Mines and Steel Development Minister Olamilekan Adegbite said coal has huge potential, but lamented the world moving away from fossil fuels, a development that has prevented Nigeria from achieving the necessary support from foreign donors to develop coal.

Adegbite said the federal government has launched initiatives to use coal to generate electricity, adding that cleaner technologies are being developed to eliminate or contain the harmful effects of coal on humans.

“Whenever you mention coal to the World Bank or any donor agency or anyone who gives money, they say no they won’t support coal because there are cleaner technologies than carbon. coal.

“But we realized that Nigeria has an abundance of coal, so we have to use our coal. So we encourage coal to generate electricity locally and it works.

“The Dangote group now uses coal in some of its cement plants. They use coal because coal is cheaper than gas.

“Many industries, especially cement factories, now use coal. Already we have a few coal plants coming up.

“The most important is Mostra Energy, which is developing around Delta State. It will develop around 60 megawatts of electricity that will serve the networks. People are asking for more fields now, ”he said.

Adegbite said coal-fired power plants were being built to generate electricity by some companies in parts of the country.

The minister described coal as the cheapest source of electricity generation in Nigeria.

Adegbite noted, however, that even if the transformation of coal into electricity is encouraged locally, the export of the ore may no longer be popular as the focus is currently on renewables.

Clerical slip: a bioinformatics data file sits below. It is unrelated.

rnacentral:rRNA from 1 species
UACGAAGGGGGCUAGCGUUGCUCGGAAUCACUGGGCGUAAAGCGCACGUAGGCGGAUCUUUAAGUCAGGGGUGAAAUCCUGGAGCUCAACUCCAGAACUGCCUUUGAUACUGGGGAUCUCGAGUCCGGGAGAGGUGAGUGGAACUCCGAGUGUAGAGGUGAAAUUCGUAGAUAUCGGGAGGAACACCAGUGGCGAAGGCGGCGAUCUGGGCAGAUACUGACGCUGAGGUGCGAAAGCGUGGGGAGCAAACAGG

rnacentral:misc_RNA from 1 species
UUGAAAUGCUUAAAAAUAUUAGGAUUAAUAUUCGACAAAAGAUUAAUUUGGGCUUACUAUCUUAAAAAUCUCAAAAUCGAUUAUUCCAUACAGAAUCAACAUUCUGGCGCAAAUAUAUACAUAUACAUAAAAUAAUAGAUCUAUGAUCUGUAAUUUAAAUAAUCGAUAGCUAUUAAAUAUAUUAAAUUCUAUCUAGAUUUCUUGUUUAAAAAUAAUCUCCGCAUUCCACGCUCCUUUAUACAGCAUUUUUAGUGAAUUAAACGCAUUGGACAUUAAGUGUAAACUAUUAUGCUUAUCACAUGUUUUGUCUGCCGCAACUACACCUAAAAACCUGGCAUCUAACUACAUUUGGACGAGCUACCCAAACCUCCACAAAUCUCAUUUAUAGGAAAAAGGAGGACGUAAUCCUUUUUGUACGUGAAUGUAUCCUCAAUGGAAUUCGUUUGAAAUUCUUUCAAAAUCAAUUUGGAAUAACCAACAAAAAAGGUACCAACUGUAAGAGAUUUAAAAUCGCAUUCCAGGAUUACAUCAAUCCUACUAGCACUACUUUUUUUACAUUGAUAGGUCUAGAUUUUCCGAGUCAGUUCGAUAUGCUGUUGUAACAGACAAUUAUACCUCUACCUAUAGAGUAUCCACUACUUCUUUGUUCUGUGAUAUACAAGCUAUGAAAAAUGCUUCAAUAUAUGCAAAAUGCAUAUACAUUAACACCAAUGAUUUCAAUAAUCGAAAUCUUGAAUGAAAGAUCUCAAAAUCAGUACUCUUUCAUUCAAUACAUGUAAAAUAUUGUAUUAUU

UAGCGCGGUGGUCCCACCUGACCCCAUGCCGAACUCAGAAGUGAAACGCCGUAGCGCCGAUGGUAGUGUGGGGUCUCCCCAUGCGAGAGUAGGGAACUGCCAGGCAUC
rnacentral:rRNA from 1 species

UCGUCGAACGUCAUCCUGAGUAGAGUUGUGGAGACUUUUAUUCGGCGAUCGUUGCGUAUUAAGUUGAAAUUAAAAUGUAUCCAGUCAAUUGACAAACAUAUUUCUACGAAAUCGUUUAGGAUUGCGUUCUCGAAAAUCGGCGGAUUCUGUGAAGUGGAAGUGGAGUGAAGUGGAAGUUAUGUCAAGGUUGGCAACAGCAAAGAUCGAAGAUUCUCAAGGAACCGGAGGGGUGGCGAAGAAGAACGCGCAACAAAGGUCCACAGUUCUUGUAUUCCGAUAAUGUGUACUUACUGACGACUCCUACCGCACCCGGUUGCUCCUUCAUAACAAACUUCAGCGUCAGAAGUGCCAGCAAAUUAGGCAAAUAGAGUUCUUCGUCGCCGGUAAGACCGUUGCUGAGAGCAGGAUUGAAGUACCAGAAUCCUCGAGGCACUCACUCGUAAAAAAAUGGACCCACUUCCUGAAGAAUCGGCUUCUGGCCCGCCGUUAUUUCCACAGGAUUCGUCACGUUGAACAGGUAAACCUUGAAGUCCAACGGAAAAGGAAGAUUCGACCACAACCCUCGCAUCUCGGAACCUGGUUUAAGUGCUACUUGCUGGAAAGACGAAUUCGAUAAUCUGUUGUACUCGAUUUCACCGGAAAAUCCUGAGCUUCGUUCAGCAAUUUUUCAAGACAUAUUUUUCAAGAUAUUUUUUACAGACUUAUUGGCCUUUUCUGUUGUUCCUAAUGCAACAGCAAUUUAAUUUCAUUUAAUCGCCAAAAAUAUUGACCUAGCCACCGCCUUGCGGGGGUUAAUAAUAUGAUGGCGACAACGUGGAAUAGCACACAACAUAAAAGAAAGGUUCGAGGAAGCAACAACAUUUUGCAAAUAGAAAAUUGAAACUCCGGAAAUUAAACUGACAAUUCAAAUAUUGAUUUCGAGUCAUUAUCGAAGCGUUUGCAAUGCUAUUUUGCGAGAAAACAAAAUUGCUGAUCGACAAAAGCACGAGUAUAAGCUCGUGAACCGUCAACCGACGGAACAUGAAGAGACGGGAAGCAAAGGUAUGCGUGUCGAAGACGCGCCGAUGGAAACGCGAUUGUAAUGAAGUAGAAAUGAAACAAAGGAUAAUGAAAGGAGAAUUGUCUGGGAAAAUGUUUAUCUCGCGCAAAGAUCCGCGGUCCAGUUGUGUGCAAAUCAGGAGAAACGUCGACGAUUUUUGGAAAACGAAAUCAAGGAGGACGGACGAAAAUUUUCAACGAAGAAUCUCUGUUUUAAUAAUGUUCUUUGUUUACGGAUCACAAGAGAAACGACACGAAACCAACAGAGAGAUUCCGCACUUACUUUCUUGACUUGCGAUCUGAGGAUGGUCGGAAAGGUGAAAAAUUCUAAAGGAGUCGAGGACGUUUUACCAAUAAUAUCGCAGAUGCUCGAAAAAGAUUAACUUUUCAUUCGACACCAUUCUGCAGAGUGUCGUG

Dr Ochechukwu Ogah, Minister of State, Ministry of Mines and Steel Development (MMSD) said Nigeria’s coal reserves can support our current power supply.

Ogah said Nigeria’s recorded charcoal production from 2016 to 2020 was 2,953,954.53 tonnes.

He said all stakeholders should ensure that they adopt clean coal technology by downstream operators to mitigate environmental impacts resulting from coal use activities.

“Nigeria’s coal reserve can support our current power supply and we should be concerned that it has not been included in our energy mix. Vision 20: 2020 predicted a 30% contribution from coal to Nigeria’s energy mix.

“Nigeria is blessed with rivers that flow year round and can provide sustainable water for the efficient operation of coal-fired power plants.

While the availability and affordability of coal is advantageous, these factors must be considered in light of the negative environmental impact resulting from its use.

The future of coal would depend on the use of low sulfur varieties, advancements in clean coal technologies, and finding lower cost alternatives. Although the drawbacks would reduce the demand for coal-based energy over time, the lack of a cost-effective alternative is expected to maintain demand for this fossil fuel for many years.

*** If used, please credit the author and the Nigerian News Agency (NAN).